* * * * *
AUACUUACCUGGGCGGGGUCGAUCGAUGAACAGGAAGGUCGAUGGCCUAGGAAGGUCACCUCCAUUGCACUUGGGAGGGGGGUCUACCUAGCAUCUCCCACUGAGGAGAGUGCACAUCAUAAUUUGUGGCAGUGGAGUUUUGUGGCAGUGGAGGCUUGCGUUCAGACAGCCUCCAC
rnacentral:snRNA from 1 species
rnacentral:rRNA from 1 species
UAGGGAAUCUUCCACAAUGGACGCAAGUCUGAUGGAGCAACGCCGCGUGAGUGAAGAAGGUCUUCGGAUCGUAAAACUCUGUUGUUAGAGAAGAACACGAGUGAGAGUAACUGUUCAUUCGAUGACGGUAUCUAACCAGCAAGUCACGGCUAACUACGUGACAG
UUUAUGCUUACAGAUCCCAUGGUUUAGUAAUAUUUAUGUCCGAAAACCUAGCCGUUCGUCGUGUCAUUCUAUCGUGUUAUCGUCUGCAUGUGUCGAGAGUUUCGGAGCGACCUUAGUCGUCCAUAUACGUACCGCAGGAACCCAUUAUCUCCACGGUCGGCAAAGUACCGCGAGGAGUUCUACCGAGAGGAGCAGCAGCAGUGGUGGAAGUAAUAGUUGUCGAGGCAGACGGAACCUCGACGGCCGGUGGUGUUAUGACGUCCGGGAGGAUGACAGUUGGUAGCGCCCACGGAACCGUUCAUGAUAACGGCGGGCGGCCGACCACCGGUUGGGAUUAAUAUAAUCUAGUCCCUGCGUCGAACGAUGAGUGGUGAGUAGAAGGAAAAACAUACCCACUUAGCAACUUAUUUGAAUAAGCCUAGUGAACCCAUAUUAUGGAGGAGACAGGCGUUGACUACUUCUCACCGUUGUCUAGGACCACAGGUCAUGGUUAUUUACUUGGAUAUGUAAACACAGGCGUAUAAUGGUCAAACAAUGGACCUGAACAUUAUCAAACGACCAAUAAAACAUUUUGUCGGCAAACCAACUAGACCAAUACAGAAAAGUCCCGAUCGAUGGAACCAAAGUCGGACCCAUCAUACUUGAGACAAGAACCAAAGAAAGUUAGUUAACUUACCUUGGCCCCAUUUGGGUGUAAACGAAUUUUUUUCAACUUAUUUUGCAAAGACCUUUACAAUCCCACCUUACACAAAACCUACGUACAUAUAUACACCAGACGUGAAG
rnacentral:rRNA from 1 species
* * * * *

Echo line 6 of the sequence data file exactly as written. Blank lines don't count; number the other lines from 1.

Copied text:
rnacentral:rRNA from 1 species